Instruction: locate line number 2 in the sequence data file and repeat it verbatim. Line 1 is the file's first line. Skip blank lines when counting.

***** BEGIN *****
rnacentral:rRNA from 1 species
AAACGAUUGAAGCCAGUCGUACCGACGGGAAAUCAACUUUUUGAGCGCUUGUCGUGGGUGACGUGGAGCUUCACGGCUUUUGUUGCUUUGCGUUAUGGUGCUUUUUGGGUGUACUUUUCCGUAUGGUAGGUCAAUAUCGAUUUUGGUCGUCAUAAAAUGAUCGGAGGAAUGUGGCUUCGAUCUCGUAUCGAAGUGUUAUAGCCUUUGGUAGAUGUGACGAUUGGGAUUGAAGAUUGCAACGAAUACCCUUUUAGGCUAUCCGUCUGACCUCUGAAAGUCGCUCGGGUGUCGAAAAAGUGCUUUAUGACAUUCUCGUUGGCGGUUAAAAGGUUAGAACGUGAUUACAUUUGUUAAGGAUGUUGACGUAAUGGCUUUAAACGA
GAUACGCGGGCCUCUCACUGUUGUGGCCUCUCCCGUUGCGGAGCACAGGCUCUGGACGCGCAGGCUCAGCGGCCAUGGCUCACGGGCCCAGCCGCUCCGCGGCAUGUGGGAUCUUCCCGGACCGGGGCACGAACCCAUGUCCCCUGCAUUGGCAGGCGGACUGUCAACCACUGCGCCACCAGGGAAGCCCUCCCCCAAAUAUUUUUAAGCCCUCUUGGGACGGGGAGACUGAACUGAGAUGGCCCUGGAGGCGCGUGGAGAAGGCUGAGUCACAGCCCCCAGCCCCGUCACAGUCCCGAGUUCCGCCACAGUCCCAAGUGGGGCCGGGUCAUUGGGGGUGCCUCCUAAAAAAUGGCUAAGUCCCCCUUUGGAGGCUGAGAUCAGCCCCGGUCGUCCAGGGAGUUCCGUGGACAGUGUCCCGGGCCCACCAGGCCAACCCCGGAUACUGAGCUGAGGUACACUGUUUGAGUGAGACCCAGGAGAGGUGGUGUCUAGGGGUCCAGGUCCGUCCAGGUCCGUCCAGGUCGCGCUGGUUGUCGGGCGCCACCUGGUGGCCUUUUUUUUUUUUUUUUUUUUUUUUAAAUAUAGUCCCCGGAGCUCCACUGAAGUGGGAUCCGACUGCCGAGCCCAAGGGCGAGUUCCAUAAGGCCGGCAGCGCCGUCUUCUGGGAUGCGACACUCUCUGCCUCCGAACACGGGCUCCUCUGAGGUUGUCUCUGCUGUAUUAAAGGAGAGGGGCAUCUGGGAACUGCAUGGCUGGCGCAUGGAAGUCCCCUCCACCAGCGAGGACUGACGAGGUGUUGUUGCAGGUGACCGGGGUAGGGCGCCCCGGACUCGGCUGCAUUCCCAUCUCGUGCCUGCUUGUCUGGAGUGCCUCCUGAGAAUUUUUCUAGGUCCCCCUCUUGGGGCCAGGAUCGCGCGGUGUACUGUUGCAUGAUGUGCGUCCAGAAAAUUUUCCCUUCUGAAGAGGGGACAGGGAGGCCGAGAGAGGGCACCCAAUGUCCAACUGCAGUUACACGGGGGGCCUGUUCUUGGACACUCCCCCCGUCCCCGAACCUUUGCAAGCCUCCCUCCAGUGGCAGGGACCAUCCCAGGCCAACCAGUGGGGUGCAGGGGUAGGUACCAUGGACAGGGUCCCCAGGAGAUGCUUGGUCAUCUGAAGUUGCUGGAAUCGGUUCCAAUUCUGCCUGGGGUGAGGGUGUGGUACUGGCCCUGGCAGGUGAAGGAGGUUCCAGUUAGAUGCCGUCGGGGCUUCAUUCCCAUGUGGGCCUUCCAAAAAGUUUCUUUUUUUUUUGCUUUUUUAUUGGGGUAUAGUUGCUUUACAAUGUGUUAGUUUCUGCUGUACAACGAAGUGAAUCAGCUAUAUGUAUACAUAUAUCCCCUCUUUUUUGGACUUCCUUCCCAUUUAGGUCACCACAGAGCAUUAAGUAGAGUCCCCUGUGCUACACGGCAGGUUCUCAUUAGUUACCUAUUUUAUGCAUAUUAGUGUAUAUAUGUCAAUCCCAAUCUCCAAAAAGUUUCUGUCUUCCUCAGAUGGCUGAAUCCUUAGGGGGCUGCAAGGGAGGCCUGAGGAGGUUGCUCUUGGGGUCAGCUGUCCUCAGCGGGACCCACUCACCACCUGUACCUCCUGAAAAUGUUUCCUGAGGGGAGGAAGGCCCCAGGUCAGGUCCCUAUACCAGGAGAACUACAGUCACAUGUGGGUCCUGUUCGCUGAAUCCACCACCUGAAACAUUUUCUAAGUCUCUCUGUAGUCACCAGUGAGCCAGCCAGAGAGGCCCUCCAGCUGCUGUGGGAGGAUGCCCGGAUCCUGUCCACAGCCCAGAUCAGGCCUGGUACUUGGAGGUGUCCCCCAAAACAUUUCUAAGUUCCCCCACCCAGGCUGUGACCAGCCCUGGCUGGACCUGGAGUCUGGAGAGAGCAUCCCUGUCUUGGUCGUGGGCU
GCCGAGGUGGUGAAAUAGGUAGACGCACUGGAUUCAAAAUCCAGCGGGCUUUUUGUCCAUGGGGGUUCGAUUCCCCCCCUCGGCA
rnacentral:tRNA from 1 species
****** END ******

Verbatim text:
AAACGAUUGAAGCCAGUCGUACCGACGGGAAAUCAACUUUUUGAGCGCUUGUCGUGGGUGACGUGGAGCUUCACGGCUUUUGUUGCUUUGCGUUAUGGUGCUUUUUGGGUGUACUUUUCCGUAUGGUAGGUCAAUAUCGAUUUUGGUCGUCAUAAAAUGAUCGGAGGAAUGUGGCUUCGAUCUCGUAUCGAAGUGUUAUAGCCUUUGGUAGAUGUGACGAUUGGGAUUGAAGAUUGCAACGAAUACCCUUUUAGGCUAUCCGUCUGACCUCUGAAAGUCGCUCGGGUGUCGAAAAAGUGCUUUAUGACAUUCUCGUUGGCGGUUAAAAGGUUAGAACGUGAUUACAUUUGUUAAGGAUGUUGACGUAAUGGCUUUAAACGA